The following is a letter to the editor published in the Summer 2012 edition of The RoundTable, a publication of the St. Louis Catholic Worker Community.
I appreciated the latest issue about the occupation movement. It seems to me that the Roundtable offers a practice of concrete analysis of current social movements and discussion of how we can effectively engage with them that is sorely needed within the Catholic Worker.
I particularly appreciated “Reclaiming Our Spaces” which highlighted the possibility of building and maintaining autonomy from the State and its complex systems of violence and domination. It highlighted concrete moments of struggle, such as the street battles and occupations in Oaxaca in 2006, as visions of the way ruptures of the norm can lead to moments of liberation and experimentation.
Also interesting to me was “Nonviolence, Catholic Worker Style: Misunderstood, Irrelevant, or Revolutionary?” Although there is so much I could say about this article, I want to highlight one sentence that was particularly refreshing to me: “Our attitudes and disposition toward the fist of the state, especially the military and police, come into play here…As pacifists…we oppose these two institutions and their basis in coercion and violence.”
Although this may appear common sense, in my experience of more than six years of involvement with the Catholic Worker, it appears that within the nonviolent movement a firm opposition to the police and the State power they wield is extremely rare. I believe that this absence, the lack of analytical clarity it is rooted in, and the practical implications it has for action in the real world, are the most potent roadblocks to the development of a truly oppositional nonviolent movement.
The examples are everywhere: “Peace Police” (nonviolent protesters who snitch to the police about acts of property destruction during protests); the tradition of legitimizing State power by doing actions and then waiting to be arrested; proponents of nonviolence who obscure the role of the police, prison guards and other agents of the State by pointing out that “we all maintain the system;” allegedly nonviolent communities who lack a firm commitment to not calling the police. There exists everywhere an unwillingness to recognize the State for what it is and to maintain a clear opposition to it and the violence inherent in its existence.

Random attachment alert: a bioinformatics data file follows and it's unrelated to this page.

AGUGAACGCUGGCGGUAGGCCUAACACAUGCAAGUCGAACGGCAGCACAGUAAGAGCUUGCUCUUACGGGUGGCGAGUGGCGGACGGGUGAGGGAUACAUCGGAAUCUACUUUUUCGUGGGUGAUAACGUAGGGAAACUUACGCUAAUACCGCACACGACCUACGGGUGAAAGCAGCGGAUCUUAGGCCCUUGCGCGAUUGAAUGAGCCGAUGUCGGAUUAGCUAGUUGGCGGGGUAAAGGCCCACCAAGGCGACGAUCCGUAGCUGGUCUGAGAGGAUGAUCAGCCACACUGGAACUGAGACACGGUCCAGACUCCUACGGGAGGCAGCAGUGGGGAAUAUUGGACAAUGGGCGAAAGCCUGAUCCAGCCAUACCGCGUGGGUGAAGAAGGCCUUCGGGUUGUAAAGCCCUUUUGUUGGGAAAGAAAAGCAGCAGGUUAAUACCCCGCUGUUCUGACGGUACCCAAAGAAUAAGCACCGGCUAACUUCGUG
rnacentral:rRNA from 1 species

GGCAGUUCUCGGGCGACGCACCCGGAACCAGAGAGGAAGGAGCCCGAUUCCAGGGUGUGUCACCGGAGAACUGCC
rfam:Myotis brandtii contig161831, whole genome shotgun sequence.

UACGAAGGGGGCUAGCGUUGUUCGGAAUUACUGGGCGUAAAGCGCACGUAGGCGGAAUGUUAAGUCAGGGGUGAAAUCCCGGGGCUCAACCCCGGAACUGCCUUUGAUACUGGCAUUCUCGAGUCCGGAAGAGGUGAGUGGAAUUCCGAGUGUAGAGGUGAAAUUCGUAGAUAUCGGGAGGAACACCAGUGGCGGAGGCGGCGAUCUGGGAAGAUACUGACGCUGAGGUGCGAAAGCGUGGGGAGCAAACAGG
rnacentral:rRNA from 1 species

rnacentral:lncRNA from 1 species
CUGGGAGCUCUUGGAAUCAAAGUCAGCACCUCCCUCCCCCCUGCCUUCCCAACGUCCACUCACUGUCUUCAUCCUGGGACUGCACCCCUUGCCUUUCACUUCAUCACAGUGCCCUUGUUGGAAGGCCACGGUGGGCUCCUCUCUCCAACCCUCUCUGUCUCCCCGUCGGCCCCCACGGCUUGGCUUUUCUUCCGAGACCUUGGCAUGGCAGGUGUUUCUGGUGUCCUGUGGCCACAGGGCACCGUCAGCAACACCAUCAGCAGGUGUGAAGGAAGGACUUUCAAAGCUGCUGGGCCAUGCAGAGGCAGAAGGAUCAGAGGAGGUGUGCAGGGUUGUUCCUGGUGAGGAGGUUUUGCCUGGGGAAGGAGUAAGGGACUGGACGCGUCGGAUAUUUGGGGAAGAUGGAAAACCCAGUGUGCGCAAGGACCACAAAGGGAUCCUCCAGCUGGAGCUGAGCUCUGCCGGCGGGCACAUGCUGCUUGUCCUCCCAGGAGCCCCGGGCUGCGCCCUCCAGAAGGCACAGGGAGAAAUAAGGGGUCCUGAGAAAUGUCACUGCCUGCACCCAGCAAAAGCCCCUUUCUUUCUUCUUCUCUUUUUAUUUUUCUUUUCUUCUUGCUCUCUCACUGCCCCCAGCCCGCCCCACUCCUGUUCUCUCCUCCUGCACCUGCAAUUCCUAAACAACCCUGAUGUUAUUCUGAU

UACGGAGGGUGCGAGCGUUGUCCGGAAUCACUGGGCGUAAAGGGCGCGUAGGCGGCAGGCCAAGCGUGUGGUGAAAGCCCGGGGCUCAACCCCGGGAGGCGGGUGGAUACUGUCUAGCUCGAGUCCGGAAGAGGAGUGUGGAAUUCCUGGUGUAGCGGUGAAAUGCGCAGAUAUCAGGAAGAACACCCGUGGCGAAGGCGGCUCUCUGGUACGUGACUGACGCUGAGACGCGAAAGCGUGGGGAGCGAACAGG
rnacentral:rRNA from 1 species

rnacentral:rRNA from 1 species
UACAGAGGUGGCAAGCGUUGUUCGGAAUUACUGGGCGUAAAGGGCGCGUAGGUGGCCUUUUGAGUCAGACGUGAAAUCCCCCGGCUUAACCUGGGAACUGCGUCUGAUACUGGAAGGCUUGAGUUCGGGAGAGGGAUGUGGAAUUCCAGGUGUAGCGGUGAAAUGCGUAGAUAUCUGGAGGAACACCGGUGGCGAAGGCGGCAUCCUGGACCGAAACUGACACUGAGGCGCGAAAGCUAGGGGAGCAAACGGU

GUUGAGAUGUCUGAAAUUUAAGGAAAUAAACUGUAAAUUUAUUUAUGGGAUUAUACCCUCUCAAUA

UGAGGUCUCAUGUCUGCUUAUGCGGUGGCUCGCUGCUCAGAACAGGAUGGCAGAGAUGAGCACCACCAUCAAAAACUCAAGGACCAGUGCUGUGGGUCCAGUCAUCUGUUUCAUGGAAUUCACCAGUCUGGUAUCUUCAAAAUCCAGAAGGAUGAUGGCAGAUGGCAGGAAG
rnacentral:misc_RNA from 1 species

For the nonviolent movement to be relevant and effective in combating violence and domination in the world, it must adopt an analysis of State power that leads to the recognition that calling the police is totally at odds with a commitment to nonviolence.
The concrete reality is that introducing the police into a crisis puts us all at risk. We’ve seen it a thousand times: the police respond to a domestic violence call and end up handcuffing and locking up the survivor, they intervene in a scuffle and beat and bloody both parties worse than they ever would have done to each other, they respond to a sexual assault and rape the survivor again, they are good-naturedly called to help someone in need, and that person is then arrested on an outstanding warrant, beaten for saying the wrong thing, or deported due to their “immigration status.”
The theoretical background to this is that in the U.S. the interlocking systems of State, capitalism, and the innumerable apparatuses* they wield, together create the most comprehensive and powerful system of organized violence, domination and control the world has ever seen. Their violence should be our focus first because no other manifestations of violence in our world come close to rivaling these systems. And second because together they represent the crystallization of all forms of domination into our lives. In other words, without these systems we may imagine the freedom to autonomously organize ourselves in a way that allows us to resist violence and domination. But their existence ensures that will will never have the capacity to move freely or to openly experiment with solutions to these problems.
There are some inspiring examples of opposition to the police within the Catholic Worker. Some communities are committed to not calling the police because of the immigration status of their guests or because of their first-hand experiences of police violence. Some refuse the presence of weapons in their houses and drop-in centers, which manifests in their attempting to prevent police from entering. I’m looking forward to these currents deepening, and our critical reflection on these topics remaining rigorous.
In love and solidarity,
* the tools they use control us in our daily lives, such as the way they divide us and pit us against each other based on their invented and forced race and gender categories and the daily horrors of racism and sexism that result.